When encryption The Signal communications app, launched almost seven years ago, brought the promise of the strongest encryption available to a very simple interface for calling and texting. Now Signal is incorporating what it describes as a way to bring that same ease of use and security to a fundamentally different third feature: payments.
Signal plans to announce today that it is implementing the ability for some of its users to send money to each other within its rapidly growing encrypted communications network. To do so, it has built-in support for the MobileCoin cryptocurrency, a form of digital cash designed to work efficiently on mobile devices while protecting users’ privacy and even their anonymity. For now, the paid feature will be available only to users in the UK, and only on iOS and Android, not on the desktop. However, the new feature represents an experiment in bringing privacy-focused cryptocurrencies to millions of users, something Signal hopes to eventually expand around the world.
Moxie Marlinspike, the creator of Signal and CEO of the nonprofit that runs it, describes the new payments feature as an attempt to extend Signal’s privacy protections to payments with the same seamless experience that Signal has offered for encrypted conversations. “There is a palpable difference in how it feels to communicate through Signal, knowing that you are not being watched or heard, compared to other communication platforms,” Marlinspike told WIRED in an interview. “I would like to come to a world where you can not only feel that when you talk to your therapist about Signal, but also when you pay your therapist for the Signal session.”
Unlike the payment features built into other messaging apps like WhatsApp or iMessage, which typically link a user’s bank account, Signal wants to provide a way to send money that no one other than the sender and recipient can observe or track. Financial institutions routinely sell their users’ private transaction data to marketers and advertisers or hand it over to law enforcement. Bitcoin wouldn’t work either. As with many cryptocurrencies, its protections against fraud and counterfeiting are based on a public distributed ledger, a blockchain, which in many cases can reveal who sent money to whom.
So Signal looked to privacy-preserving cryptocurrencies, or “privacy coins,” which bypass banks and are specially designed to protect user identities and their payment details on a blockchain. While more established privacy-focused cryptocurrencies like Zcash and Monero have been used more widely and possibly better tested, Marlinspike says that Signal chose to integrate MobileCoin because it has the smoothest user experience on mobile devices, requires little storage space. on the phone and it only takes seconds for transactions to be confirmed. Zcash or Monero payments, on the other hand, take a few minutes to complete transactions. “You are using a cryptocurrency with state-of-the-art encryption, but from your perspective, it feels like Venmo,” says MobileCoin founder Josh Goldbard.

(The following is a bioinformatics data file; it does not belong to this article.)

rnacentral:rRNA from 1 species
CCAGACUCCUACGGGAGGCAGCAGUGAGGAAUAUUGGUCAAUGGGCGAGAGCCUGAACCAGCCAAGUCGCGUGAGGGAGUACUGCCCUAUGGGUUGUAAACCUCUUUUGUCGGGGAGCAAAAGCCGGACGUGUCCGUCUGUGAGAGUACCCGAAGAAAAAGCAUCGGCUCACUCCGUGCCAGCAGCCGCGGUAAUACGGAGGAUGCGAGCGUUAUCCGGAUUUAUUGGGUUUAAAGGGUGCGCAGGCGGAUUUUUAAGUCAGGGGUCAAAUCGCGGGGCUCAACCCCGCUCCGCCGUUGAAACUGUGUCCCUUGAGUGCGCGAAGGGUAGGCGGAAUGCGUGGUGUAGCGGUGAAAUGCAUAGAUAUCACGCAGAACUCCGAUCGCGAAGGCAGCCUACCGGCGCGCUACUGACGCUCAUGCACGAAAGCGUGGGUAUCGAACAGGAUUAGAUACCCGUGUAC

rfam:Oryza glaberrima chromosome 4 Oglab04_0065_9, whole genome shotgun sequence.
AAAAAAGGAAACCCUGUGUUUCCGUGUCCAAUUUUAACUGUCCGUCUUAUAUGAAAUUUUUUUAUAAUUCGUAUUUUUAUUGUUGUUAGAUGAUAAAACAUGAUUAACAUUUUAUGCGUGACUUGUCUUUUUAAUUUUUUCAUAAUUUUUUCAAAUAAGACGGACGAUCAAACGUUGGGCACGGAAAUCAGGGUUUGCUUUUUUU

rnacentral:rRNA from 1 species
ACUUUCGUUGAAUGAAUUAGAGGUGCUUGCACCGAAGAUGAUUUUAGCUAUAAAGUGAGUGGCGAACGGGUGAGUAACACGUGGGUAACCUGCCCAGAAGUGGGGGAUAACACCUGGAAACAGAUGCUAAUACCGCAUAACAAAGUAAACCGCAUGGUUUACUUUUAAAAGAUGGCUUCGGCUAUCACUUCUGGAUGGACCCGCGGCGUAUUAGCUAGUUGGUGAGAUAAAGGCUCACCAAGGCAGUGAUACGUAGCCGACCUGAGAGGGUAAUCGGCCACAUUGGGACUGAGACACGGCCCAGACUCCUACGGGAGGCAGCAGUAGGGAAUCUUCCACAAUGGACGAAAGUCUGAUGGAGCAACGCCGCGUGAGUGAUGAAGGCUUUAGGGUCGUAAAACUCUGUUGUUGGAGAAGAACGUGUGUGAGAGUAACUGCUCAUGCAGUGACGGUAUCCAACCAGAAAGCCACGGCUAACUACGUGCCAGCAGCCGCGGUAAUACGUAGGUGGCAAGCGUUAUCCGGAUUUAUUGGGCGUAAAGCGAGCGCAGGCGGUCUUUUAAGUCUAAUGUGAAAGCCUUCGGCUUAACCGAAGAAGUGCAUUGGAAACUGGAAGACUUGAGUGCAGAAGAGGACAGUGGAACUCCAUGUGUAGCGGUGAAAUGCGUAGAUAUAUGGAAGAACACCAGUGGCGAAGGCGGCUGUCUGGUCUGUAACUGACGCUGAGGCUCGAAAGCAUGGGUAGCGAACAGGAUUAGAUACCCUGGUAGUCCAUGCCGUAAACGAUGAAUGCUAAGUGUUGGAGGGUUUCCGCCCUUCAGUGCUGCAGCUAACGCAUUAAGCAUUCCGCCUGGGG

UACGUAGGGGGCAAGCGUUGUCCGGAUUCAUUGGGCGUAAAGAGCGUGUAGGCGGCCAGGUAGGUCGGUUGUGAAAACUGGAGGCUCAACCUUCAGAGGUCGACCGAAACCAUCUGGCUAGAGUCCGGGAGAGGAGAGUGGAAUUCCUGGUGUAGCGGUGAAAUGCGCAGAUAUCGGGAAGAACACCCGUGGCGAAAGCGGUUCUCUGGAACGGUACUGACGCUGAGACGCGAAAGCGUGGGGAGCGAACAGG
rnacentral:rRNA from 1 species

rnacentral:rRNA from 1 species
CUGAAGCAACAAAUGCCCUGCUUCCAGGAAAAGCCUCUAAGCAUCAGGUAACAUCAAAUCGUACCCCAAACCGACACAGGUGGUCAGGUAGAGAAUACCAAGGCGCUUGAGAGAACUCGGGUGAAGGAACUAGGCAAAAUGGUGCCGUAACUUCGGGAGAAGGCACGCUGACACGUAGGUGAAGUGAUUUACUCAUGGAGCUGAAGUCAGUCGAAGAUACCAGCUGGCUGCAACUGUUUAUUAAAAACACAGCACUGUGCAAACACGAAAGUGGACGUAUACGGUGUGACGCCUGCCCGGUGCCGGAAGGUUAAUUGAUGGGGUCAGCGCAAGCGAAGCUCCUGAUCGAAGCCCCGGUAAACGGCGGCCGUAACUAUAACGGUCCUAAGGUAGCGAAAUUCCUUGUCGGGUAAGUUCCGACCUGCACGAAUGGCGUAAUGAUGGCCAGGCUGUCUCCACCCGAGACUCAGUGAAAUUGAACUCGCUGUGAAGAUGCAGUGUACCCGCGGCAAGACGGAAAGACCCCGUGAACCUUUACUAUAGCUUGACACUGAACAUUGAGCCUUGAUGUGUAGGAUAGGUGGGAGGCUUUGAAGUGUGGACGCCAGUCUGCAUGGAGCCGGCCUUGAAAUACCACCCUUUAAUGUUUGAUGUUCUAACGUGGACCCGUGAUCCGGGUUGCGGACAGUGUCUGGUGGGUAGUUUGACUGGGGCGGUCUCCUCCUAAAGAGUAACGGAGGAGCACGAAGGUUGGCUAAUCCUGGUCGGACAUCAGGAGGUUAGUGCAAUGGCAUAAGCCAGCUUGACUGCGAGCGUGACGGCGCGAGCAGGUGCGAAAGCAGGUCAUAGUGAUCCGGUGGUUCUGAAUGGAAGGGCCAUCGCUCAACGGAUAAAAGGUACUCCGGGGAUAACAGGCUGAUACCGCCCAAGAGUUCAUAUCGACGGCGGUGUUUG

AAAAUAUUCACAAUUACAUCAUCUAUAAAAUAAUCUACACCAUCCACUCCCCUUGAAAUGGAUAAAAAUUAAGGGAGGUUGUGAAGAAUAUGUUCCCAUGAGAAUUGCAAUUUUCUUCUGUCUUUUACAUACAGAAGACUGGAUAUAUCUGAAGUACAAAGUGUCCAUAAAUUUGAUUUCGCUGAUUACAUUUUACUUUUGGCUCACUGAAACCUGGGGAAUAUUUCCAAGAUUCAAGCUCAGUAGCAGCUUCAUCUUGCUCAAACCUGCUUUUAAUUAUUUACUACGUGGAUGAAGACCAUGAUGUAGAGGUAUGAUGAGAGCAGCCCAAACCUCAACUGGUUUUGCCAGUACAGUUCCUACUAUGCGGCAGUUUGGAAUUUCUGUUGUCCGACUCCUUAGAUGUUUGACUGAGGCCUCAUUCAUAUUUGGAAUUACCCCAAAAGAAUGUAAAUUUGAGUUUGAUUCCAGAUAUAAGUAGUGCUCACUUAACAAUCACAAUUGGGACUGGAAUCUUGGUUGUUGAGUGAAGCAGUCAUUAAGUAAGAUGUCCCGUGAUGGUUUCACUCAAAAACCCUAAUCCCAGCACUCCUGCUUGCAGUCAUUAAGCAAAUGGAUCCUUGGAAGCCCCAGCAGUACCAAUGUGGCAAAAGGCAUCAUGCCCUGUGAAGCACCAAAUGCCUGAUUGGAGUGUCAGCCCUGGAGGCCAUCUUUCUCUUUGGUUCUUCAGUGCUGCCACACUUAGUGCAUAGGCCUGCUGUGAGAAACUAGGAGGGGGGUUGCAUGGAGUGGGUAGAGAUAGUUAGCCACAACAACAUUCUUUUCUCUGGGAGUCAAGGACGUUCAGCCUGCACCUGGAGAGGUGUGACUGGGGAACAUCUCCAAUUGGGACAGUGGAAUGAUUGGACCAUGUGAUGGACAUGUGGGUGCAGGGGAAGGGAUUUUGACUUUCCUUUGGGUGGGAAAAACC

Signal’s choice of MobileCoin comes as no surprise to anyone observing the development of the cryptocurrency since its launch in late 2017. Marlinspike has served as a paid technical advisor for the project since its inception, and has worked with Goldbard to design the mechanics of MobileCoin with possible future integration into apps like Signal in mind. (However, Marlinspike points out that neither he nor Signal own MobileCoins.)
MobileCoin only started trading as a real currency with real value in December of last year; Until then, it was running as a worthless “testnet,” and its 250 million coins, around $ 69 each, are currently worth nearly $ 17 billion in total. . For now, it is for sale on a single cryptocurrency exchange, FTX, which does not allow exchanges by US users, although Goldbard says there is no reason why US exchanges Signal chose to implement its UK MobileCoin integration partly because US users can’t buy the crypto yet, Marlinspike says, but also because it represents a smaller English-speaking user base to test out the new payments. feature, which you hope will make it easier to diagnose problems.
Payments present a difficult dilemma for Signal: To keep up with the features of other messaging apps, you must allow users to send money. But doing so without compromising its excellent privacy guarantees poses a unique challenge. Despite the intentions of Marlinspike and MobileCoin, using any cryptocurrency today is still much more complex than Signal’s other features. Even if users can send MobileCoin back and forth, they will likely still need to charge them in traditional currency to spend, given that MobileCoin is not widely accepted for real world goods and services. And aside from that need for exchanges and the lack of availability in the US, MobileCoin also remains even more volatile than older cryptocurrencies, with constant price fluctuations that will significantly change balances in a user’s Signal wallet in over the course of days or even hours. hardly the kind of problem Venmo users have to deal with. (Since March 27, MobileCoin’s value has soared nearly 600 percent, possibly due to rumors of the impending integration of Signal or possibly the result of a “brief squeeze”.)